So, have you had your vinegar today? That doesn't sound like such a weird question, if you consider the health benefits of this common household item.

Turns out it's easy to include vinegar into your diet. You can use it in your salad dressings, use it as a cooking ingredient, use it to pickle vegetables or make a healthy drink.

I've include a simple recipe for making cabbage pickle. Cabbage contains quercetin, a fat-whittling active ingredient and if you pickle it with vinegar, you get double the weight loss mileage. Here's how:

1 small head of cabbage, cut into chunks
2 tablespoons of salt
1 tablespoon of organic sugar
2 tablespoons of apple cider vinegar
1 tablespoon of roasted sesame seeds

1. Sprinkle salt on cut cabbage and let it sit for a couple of hours
2. Wring out water from cabbage and put it in a big bowl
3. Add vinegar, sugar and sesame seeds.
4. Toss well and enjoy.

To make a vinegar slimming drink:

Mix 1 to 2 teaspoons of apple cider vinegar to a glass of water and add 1 to 2 teaspoons of honey to make it taste less acidic.

D.C. Jarvis, M.D., author of the book, Folk Medicine, advocates drinking this vinegar concoction before every meal to induce weight loss. He believes that weight loss with this method is gradual but permanent.

Basic Vinegar dressings:

Mix 1 part vinegar with 3 parts healthy oils (olive, canola or safflower oil), salt and pepper and herbs or spice.

If the basic vinegar bored you, try gourmet fruit vinegar. A study from the Memorial University of Newfoundland shows that fermenting fruits into vinegar produces more potent disease-fighting phytochemicals.

However, gourmet fruit vinegar can be expensive. Don't sweat it, though--you can make you very own fruit vinegar and it's a snap:

Bring store-bought white vinegar to just below boiling point, toss in your favorite fruit (raspberries, grapes, key limes, peach), refrigerate for a few weeks and strain.

Monday, October 12, 2009

Resistant Starch: Why You Can Have Your Carbs and Eat It Too

Carbs have a bad reputation and they have taken a beating for as long as diet became a science and a weight loss program. They are supposedly evil, capable of padding your middle, increasing your thigh size and adding layers of unwanted, unsightly inches to your otherwise could-be thin frame. If not for carbs, the world would thinner and healthier. Now, is that so?

I've been raised on carbs. We have rice and often, noodles for lunch and dinner and more carbs for mid-day snack and supper. Granted that our snacks are sweet potatoes and bowls of bean dessert, still--I subsisted heavily on carbs. By all reasoning and reckoning, I should tip the scale at an unmentionable number but...thanks to my mother's nutritional intuition, I remain a size 0. How is that so?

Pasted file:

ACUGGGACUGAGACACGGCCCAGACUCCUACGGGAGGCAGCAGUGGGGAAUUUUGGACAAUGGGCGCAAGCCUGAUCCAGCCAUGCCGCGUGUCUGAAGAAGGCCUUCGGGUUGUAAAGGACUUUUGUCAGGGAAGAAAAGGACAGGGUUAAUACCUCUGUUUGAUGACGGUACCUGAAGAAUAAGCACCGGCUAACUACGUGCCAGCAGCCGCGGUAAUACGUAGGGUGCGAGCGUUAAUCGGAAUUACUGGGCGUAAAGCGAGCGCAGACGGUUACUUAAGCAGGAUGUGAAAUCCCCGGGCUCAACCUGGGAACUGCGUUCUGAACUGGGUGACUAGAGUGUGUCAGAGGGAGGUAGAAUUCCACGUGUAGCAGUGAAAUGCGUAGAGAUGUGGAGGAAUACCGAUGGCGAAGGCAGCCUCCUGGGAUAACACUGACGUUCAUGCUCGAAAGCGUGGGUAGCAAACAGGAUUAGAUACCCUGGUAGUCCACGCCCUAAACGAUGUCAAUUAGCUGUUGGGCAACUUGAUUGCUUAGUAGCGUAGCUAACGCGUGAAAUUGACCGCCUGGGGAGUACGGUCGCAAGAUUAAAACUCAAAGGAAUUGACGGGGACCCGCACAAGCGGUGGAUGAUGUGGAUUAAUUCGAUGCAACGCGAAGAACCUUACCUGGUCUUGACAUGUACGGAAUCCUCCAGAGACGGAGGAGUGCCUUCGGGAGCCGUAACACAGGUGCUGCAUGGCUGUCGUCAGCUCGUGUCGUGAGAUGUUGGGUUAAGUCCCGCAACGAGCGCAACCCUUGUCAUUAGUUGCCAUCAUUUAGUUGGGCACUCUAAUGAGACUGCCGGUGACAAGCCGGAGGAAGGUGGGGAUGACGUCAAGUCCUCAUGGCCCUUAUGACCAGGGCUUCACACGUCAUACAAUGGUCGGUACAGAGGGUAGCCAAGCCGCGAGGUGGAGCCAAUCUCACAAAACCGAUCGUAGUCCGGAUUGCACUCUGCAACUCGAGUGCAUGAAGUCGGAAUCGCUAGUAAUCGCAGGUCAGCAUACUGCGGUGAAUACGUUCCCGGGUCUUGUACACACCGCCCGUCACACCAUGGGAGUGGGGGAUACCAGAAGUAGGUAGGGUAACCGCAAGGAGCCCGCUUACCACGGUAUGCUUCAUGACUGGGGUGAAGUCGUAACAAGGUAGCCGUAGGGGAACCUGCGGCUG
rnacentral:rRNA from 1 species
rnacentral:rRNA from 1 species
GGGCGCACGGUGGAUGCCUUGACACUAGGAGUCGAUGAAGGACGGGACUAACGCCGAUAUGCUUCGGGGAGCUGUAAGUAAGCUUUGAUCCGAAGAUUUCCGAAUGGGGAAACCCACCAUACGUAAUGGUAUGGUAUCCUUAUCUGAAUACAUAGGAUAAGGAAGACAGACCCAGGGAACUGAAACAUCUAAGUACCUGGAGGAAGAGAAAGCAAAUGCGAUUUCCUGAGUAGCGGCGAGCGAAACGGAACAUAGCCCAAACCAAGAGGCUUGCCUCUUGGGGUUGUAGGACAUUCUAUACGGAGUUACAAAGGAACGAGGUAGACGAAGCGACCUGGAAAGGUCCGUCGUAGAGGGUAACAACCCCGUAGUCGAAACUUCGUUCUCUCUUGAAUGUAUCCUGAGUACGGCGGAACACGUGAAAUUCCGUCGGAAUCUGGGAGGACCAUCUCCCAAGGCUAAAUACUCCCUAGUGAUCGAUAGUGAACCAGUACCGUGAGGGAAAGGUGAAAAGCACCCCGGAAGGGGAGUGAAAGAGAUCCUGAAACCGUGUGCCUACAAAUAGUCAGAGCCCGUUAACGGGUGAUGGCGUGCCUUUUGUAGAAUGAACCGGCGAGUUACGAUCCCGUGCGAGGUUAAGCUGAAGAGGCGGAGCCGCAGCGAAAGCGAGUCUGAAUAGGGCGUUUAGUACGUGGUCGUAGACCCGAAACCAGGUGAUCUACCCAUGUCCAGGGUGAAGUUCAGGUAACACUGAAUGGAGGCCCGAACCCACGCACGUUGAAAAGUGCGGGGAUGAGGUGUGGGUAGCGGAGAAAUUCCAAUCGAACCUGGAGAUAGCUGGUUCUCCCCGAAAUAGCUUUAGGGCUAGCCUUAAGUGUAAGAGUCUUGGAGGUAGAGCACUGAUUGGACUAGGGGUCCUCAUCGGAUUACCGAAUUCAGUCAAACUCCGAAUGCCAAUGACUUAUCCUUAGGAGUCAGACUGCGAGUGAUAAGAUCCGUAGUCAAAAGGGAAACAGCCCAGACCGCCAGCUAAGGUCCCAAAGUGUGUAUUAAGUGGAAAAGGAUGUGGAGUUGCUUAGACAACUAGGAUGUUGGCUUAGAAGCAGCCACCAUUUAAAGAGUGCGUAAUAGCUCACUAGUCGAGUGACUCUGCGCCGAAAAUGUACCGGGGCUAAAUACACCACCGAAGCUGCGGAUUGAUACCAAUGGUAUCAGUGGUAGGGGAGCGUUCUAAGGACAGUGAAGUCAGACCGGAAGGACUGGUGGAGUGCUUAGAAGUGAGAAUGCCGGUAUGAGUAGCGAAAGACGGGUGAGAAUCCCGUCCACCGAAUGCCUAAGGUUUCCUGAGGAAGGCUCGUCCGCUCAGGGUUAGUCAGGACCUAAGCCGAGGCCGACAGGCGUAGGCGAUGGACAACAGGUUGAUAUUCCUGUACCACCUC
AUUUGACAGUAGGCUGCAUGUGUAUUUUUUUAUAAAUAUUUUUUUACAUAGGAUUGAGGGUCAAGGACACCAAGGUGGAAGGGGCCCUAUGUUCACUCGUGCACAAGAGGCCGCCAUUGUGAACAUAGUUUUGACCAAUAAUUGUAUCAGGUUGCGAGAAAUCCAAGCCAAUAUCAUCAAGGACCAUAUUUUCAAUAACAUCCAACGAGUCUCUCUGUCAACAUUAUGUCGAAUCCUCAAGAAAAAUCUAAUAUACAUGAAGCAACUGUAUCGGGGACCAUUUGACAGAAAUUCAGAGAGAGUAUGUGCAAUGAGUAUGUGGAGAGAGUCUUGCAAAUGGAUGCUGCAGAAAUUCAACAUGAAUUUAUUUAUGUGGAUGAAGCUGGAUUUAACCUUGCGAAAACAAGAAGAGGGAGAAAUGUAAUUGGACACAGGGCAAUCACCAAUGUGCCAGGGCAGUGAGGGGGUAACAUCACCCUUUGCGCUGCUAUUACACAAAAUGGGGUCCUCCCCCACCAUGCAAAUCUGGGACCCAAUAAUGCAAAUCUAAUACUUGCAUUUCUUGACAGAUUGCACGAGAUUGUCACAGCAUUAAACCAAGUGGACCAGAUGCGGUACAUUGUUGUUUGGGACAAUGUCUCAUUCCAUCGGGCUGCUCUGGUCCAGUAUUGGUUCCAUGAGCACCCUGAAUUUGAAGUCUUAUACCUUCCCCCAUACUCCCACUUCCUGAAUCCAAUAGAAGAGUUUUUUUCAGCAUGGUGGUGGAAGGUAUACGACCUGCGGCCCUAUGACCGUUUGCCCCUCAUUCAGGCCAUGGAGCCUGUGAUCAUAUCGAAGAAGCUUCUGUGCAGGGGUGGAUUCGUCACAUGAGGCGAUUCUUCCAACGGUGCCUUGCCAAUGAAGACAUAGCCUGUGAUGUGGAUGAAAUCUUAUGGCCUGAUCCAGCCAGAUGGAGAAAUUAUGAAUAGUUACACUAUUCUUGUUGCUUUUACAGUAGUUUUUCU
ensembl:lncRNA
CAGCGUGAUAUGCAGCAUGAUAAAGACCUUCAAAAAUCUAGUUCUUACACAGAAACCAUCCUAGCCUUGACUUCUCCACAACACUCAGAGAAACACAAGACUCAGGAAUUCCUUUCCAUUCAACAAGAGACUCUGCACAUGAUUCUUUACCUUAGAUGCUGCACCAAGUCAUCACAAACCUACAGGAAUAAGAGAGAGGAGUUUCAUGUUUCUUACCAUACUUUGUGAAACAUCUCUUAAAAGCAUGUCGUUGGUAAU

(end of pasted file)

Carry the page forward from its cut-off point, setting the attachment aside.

Turns out that not all carbs are bad. There is a group of carbs that are high in resistant starch and more and more researches are showing the upside of eating resistant starch. What are they--these new found stars of weight loss? They are a type of fiber that delivers some of the health benefits of soluble and insoluble fiber. They are tightly packed chains of sugar molecules that amylase (the enzyme that breaks down starch) finds difficulty breaking down. Resistant starch resists digestion (hence the name) and continues through the digestive tract to the large intestine, where bacteria can then feed on them, fermenting them and producing fatty acids. These fatty acids make the environment more acidic and therefore less friendly to bacteria, thereby promoting colon health.

But perhaps, the better news is that resistant starch helps weight control. A small study conducted at the University of Colorado, published in Nutrition and Metabolism, showed how fat burning was 23% higher in those who ate 5 grams of resistant starch in a meal than those who didn't. In other words, more fat is burned and less is available to store away. Less fat stored away means a leaner you. In addition, resistant starch makes you feel full sooner and the feeling of satiation stays longer. A winning solution.

Ok, where can you find these good samaritans of weight control? You have choices: beans, bananas (especially under-ripes ones), potatoes, sweet potatoes and whole-grain breads and products.

So, don't be afraid to include carbs in your diet. Picking the right kind of carbs (and enjoying them too) may be the way to a trimmer, healthier you.